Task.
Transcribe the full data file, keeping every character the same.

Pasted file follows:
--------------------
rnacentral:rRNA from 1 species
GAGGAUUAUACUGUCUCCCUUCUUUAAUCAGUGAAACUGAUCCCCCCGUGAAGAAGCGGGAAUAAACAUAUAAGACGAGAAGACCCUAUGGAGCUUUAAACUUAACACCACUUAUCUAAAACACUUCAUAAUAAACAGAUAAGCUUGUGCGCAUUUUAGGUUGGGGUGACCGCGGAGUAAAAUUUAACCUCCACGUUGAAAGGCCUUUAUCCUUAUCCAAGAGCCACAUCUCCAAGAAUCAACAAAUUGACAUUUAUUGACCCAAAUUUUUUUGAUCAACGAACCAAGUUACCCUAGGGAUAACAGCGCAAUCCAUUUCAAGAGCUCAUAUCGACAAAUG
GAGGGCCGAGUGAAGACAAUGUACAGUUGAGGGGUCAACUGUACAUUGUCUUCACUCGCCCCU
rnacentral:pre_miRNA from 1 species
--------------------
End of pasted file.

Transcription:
rnacentral:rRNA from 1 species
GAGGAUUAUACUGUCUCCCUUCUUUAAUCAGUGAAACUGAUCCCCCCGUGAAGAAGCGGGAAUAAACAUAUAAGACGAGAAGACCCUAUGGAGCUUUAAACUUAACACCACUUAUCUAAAACACUUCAUAAUAAACAGAUAAGCUUGUGCGCAUUUUAGGUUGGGGUGACCGCGGAGUAAAAUUUAACCUCCACGUUGAAAGGCCUUUAUCCUUAUCCAAGAGCCACAUCUCCAAGAAUCAACAAAUUGACAUUUAUUGACCCAAAUUUUUUUGAUCAACGAACCAAGUUACCCUAGGGAUAACAGCGCAAUCCAUUUCAAGAGCUCAUAUCGACAAAUG
GAGGGCCGAGUGAAGACAAUGUACAGUUGAGGGGUCAACUGUACAUUGUCUUCACUCGCCCCU
rnacentral:pre_miRNA from 1 species